Darks

Darks clouds close in on Space Shuttle Atlantis STS-135 as it sits on launch pad 39A at the Kennedy Space Center in Cape Canaveral, Florida July 7, 2011. (REUTERS/Scott Audette)

Up to 1,000,000 people are expected to pack Florida's Space Coast for a glimpse of the last shuttle liftoff in the history of the U.S. Space Program.  That's more than any other mission, save the Apollo 11 mission to the moon.

Tourists crowded into central Florida Thursday as NASA forged ahead with its plan to launch Atlantis on its final journey Friday, despite forecasts of stormy weather.

Shuttle weather officer Kathy Winters warned that weather is not looking good for launch, noting that there was a 70 percent likelihood that cloudy, rainy weather could prevent the shuttle from taking off on schedule.

If we get into a scenario where we scrub very late in the count, we would probably (go to) a 48 hour scrub scenario... to give our teams a chance to get home and get back to work, said Jeff Spaulding, NASA test director.

That would mean a Sunday launch, when the weather improves to a 60 percent likelihood of favorable conditions.

Nevertheless, tourists flocked to the Space Coast where hoteliers have posted signs bragging about the best views for the launch.

NASA's final shuttle trip is expected to bring in between $15 -$20 million dollars to the region.

Three decades of human spaceflight driven by the iconic shuttle program have fueled the growth of this Atlantic coast beach community, but the end of those glory days is hurtling closer with the final flight of Atlantis hours away.

In all likelihood, this will be the Space Coast's last big boom.  As many as 8,000 local jobs will be cut from Kennedy Space Center and, while the Space Coast is home to Orlando's closest beaches and one of the largest cruise ports in the U.S., one of the region's main draws is certainly space-related tourism.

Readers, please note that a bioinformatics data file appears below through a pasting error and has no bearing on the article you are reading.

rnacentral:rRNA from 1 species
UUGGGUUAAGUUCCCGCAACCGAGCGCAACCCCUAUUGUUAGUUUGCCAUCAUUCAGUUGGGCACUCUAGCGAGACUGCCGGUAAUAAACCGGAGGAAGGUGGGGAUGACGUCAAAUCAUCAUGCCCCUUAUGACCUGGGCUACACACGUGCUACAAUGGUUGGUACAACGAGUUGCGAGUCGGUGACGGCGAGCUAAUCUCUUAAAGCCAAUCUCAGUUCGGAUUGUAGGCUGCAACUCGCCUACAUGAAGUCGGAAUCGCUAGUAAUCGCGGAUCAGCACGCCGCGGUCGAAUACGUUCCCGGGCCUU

Kennedy Space Center is not closing and rockets will continue to launch from the complex in the foreseeable future.  When Atlantis returns after its 12-day mission, it will remain on site and open as a tourist attraction in 2013.  The other four shuttles will find their way to museums across the United States.

NASA's shuttle program is said to benefit the region by about $2.8 billion annually and the shuttle launches represent about 5 percent of the area's total tourism business.

The Space Coast Office of Tourism is distributing media packets and encouraging reporters and tourists to visit what it calls the area's hidden gems, including the region's growing eco-tourism segment.  They hope to use this surge of first-time visitors as a chance to lure in returning vacationers.